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If you would like to continue following the farm, hop on over to
New Name – New Site – New Blog – New Endeavors
LOTS of NEW Information
It has been a while since I last posted; life has kept us very busy from struggling with health issues as I have been for the past week (some unknown illness with increasing symptoms that tha VA can’t seem to figure out, almost 2 years of sickness and frustration) to getting back into a homeschooling routine, taking care of the house and farm (always trying to learn more about homesteading, self-sufficiency and rabbit ranching), growing Handmade & Homespun (our handicrafts business endeavor which has picked up recently as I am designing and crafting for a local boutique; take a look at some of those items HERE) and then there was the County Fair.
The fair always takes precedence over just about everything else. We begin a few days prior to the fair by collecting, organizing and categorizing our arts and crafts entries. We have been exhibiting our handicrafts and art work in the fair since the boys were small. Thinking about and then making items to display in the fair helps us to be imaginative and branch out with our creativity. We attempt to make numerous new items throughout the year to fill as many of the categories as possible which helps us to learning new skills and techniques; it’s a great deal of fun as well as an exciting challenge.
This year the family entered a total of 26 items in the fair. We earned 24 first place ribbons and 2 second place ribbons (correction from my Facebook post) as well as 1 Best of Show. Joel is the only family member to have received a BOS and this is his THIRD time to do so. I am very proud of him; even MacKenzie was extremely complimentary of his brother’s efforts. This year Joel’s BOS was for an original crochet design; a pizza pocket. Everyone made a nice bit of money from their winnings and with the implementation of a new payment system we were issued our checks when we picked up our entires at the end of the fair rather than waiting a month or more; very nice.
The boys were a bit disappointed that they were not permitted to enter any food items this year (they each won blue ribbons for their entries last year; Joel won a BOS for his butter mints) but due to the timing of Yom Teruah (Feast of Trumpets), illness, and Charley’s week-long business trip to Canada we opted not to cook/bake this year. Once all of our A&C items were submitted we made the obligatory stroll through the live stock area to gander at the animal entries. It is because of the fair that we decided to start raising rabbits. Though I am a former suburbanite Yankee, I have always been interested in farming and animal husbandry but living in town (though it is a small southern, farming community) we are restricted regarding what we can raise within city limits; but when we saw that the boys shared my interest in learning about and caring for livestock we decided to raise rabbits namely because we can keep them in town (that’s how 4D was started). Usually that is the end of our fair participation except to take the boys to the Carnival one evening during fair week but this year we wanted to learn more about the live sock; we wanted to see the rabbit judging and showmanship specifically.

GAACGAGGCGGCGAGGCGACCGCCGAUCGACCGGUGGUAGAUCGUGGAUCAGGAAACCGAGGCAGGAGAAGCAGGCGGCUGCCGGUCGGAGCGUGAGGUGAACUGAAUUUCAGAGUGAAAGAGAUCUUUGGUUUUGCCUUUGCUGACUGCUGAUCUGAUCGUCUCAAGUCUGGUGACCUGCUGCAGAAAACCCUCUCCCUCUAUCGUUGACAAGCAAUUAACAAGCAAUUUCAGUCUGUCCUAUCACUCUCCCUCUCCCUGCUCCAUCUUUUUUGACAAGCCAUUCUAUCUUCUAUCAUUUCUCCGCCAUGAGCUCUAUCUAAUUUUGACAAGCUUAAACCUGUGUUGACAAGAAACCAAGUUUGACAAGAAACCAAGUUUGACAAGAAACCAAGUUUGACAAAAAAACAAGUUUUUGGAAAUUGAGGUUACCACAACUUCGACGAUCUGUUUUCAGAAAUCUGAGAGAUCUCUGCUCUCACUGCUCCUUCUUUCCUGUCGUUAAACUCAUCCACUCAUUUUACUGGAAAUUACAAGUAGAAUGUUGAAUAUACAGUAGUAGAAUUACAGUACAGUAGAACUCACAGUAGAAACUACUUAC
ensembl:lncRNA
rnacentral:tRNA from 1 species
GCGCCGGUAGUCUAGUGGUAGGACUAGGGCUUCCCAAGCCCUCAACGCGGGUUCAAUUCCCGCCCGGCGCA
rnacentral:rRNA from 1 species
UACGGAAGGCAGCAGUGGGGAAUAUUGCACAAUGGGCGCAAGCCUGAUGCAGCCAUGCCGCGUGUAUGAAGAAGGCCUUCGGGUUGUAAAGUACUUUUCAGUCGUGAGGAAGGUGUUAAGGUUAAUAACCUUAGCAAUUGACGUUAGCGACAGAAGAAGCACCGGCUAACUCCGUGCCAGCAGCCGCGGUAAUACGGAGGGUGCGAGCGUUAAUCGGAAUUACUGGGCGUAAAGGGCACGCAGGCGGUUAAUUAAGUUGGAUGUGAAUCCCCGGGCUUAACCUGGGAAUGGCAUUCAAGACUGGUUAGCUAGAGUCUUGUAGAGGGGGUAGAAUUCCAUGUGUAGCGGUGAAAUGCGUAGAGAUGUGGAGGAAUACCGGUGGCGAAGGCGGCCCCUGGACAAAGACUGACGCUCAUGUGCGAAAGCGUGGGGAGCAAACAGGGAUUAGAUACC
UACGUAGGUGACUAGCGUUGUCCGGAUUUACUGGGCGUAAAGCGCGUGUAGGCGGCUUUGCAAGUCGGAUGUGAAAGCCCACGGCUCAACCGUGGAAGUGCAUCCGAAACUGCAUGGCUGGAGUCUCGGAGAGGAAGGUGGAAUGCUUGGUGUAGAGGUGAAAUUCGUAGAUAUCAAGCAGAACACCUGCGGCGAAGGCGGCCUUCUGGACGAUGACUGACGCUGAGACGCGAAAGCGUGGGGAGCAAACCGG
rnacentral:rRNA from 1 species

We spent 4 days at the fair grounds this year observing animals and talking with their owners, of course the boys want at least one of everything. We learned a great deal about goats by talking with the mother of one of the boys MacKenzie used to go to public school with; Monica was extremely knowledgeable and very happy to discuss their herd. We got to milk a goat and try smoked goat meat, which tasted a great deal like pork to me. I liked the meat whereas I DO NOT like goat’s milk. Would LOVE to have a goat but the law prohibits hoofed animals within city limits. We also had a lovely time conversing with one of the Agricultural teachers from a neighboring school district; another Monica, she was an extremely nice young lady there with her students showing rabbits for the first time (they actually did very well). We talked a great deal about rabbits and in the corse of that conversation she informed us that Homeschoolers can be members of FFA (Future Farmer’s of America). She didn’t have the particulars but I researched them the following week and have since spoken with our new superintendent about the possibility of MacKenzie taking an Ag Science class or two and joining FFA, which is a topic for a whole other post.
Back to rabbits, we learned more about breed standards as well as hold techniques to handle and manipulate our rabbits better. The new knowledge we acquired has given us confidence to begin the process of breeding for show for next year which in turn also helped us in making a decision regarding which breeds we truly want to focus on (we will be doing away with our Cals and branching out int Rex, keeping New Zealand and Florida Whites as our main meat breeds while still attempting to mate our Flemish Giants). Now that the weather is cooling off, after the intense heat wave we experienced this summer, we are hoping that the bucks have returned to a fertile state and that we will be kindling some new litters soon. We mated all of the age appropriate rabbits last month and ALL were misses (UGH!), so we are waiting to see who took this time; praying! We are also expectantly awaiting our Castor Rex trio.